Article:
In this ScreenTalk, Kessell talks about:
- Learning an Australian accent to play a Māori role on Homeward Bound
- Getting a role on Cover Story when only 18 years old
- Having to find a ‘fake’ way to cry on set
- Having issues with her character in period drama Greenstone
- Being proud of the part she played in series two of Underbelly
- Becoming a ‘kickass’ soldier fighting dinosaurs on Terra Nova
- Feeling devastated after being shot in the head on set
- Rehearsing in 40 degree heat for time travel tale The Lovers
- Playing a hooker with a heart of gold in Aussie drama Wonderland
This video was first uploaded on the 20th of October 2014 and is available on YouTube to embed and distribute via a Creative Commons licence.
Murray Grindlay first rose to prominence as the lead singer in the 60s blues band The Underdogs. Since then he has written the music for a number of feature films, such as Sleeping Dogs, Once Were Warriors and Broken English; as well as countless TV commercials, including the classics Dear John and the Great Crunchie Train Robbery. Currently Grindlay is producing a web-based kids music show The One Winged-Bee Called Emily.
In this ScreenTalk, Grindlay talks about:
This video was first uploaded on the 6th of October 2014 and is available on YouTube to embed and distribute via a Creative Commons licence.
Emmy award-winning producer/director Denis Harvey cut his teeth on TVNZ information shows Dig This, Kaleidoscope, and Science Express. Later he moved into sports. Harvey has gone on to make a significant contribution to television sports coverage both nationally and internationally, particularly in America’s Cup coverage and Olympic yachting. In recent times, he has also produced Asian and Israeli versions of The Amazing Race.
In this ScreenTalk, Harvey talks about:
- Being a trainee director on classic garden show Dig This
- Creating the garden for the show at the Avalon TV studios
- Remembering the great people and locations on Country Calendar
- His regret that long-running arts show Kaleidoscope disappeared from TV
- Showcasing scientific innovations in Science Express
- Taking Sir Edmund Hillary back to Everest in Hillary: A View from the Top
- The challenges of creating live TV coverage for the America’s Cup
- Making sure coverage of the event is as bipartisan as possible
- Dealing with Team New Zealand’s loss while still on air
- How cutting edge 3D graphics transformed coverage of sailing
- Showing the heroic efforts of the crew in two Team New Zealand documentaries
- Taking up the challenge to cover Olympic yachting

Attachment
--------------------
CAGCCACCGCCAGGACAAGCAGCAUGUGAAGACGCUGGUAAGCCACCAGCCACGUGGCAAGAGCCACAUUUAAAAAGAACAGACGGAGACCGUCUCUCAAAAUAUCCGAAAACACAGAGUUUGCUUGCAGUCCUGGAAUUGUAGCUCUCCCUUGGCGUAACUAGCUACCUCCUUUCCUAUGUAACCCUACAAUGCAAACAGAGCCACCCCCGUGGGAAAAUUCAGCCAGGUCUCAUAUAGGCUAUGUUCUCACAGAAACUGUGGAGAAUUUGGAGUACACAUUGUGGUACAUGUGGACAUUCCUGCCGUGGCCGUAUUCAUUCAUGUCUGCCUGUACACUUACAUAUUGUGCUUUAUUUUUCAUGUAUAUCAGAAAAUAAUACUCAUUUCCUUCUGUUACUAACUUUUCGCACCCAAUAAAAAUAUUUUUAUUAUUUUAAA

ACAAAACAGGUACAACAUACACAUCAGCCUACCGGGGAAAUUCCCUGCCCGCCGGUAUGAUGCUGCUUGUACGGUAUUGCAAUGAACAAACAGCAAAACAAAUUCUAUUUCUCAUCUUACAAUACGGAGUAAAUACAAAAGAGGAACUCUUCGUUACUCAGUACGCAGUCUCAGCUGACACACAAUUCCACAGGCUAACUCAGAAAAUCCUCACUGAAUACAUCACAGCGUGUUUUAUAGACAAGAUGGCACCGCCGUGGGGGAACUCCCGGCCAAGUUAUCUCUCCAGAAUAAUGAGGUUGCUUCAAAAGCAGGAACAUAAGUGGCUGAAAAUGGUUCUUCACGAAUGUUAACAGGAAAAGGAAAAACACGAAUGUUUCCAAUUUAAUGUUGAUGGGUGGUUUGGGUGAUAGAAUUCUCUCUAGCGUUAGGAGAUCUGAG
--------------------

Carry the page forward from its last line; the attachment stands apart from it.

- Winning a Sports Emmy award
- Why working on The Amazing Race was so challenging
This video was first uploaded on 29 September 2014 and is available on YouTube to embed and distribute via a Creative Commons licence.
Veteran actress Kate Harcourt has had a long and distinguished career in theatre, television and film. Her first television role was as a presenter on the Wellington version of children’s show Junior Magazine. She would later appear in TV dramas such as Country GP, Plain Tastes, and the TV play Loose Enz - Free Enterprise. Harcourt has also acted in a number of feature films including Mr Wrong, Apron Strings and Savage Islands. Her most recent role was in Gaylene Preston’s TV miniseries Hope and Wire.
In this ScreenTalk, Harcourt talks about:
- Presenting next to a terrifying hippopotamus on Junior Magazine
- Making sure she stuck to the script filming Beyond Reasonable Doubt
- Meeting Arthur Allan Thomas on the set
- Being confronted by a mouse in a sandwich in Loose Enz - Free Enterprise
- Exposing herself to the cast on the set of Savage Islands
- Having an odd conversation with actor Tommy Lee Jones
- Winning ‘best female actress’ for the film Pacific Dreams
- How workshopping with other actresses influenced the script of Hook, Line and Sinker
- Working in the red zones of Christchurch filming Hope and Wire
- Why theatre is her greatest love
This video was first uploaded on September 22 2014 and is available on YouTube to embed and distribute via a Creative Commons licence.
Roger Donaldson moved to New Zealand from Australia at age 19. Starting out as a stills photographer, he moved into film with a series of commercials for the Labour Party’s 1972 election campaign. Around the same time, he also heard of the Invercargill DIY motorcycle legend Burt Munro, and made the documentary Offerings to the God of Speed.
Donaldson put himself in risky positions while filming adventure documentaries, including The Adventure World of Sir Edmund Hillary. With his friend Ian Mune, he created Winners and Losers, a landmark series of dramas based on stories by New Zealand writers, which in turn inspired the pair to adapt CK Stead’s novel Smith’s Dream into feature film Sleeping Dogs. The major turning point in Donaldson’s career was his feature Smash Palace, which screened at Cannes and earned rave reviews.
Since Smash Palace, Donaldson has thrived in Hollywood, working with notable actors including Tom Cruise, Mel Gibson, Kevin Costner and Pierce Brosnan. He returned to New Zealand to make the Burt Munro biopic The World’s Fastest Indian, starring Sir Anthony Hopkins.
In this ScreenTalk, Donaldson talks about:
- Filming commercials for Norman Kirk’s Labour Party
- Taking risks to film at high speeds on the Bonneville Salt Flats in Utah
- The treacherous conditions on The Adventure World of Sir Edmund Hillary, and having his feet warmed in someone else’s armpits while sheltering in a snow cave
- Getting support from Don Brash and the NZ Air Force for his counter-culture film Sleeping Dogs
- Arranging a private screening of Sleeping Dogs for then-Prime Minister Robert Muldoon
- The moment he was inspired to write Smash Palace
- Convincing a reluctant NZ Film Commission to back the film
- Changing the child character from a boy to a girl after meeting Greer Robson
- How Smash Palace’s climactic train scene was filmed
- Writing a sequel to Conan the Barbarian with Ian Mune
- Taking over from David Lean as director of The Bounty
- Helping to create a Beach Boys revival thanks to the soundtrack to Cocktail
- Making up with Anthony Hopkins after falling out on The Bounty
This video was first uploaded on September 8 2014 and is available on YouTube to embed and distribute via a Creative Commons licence.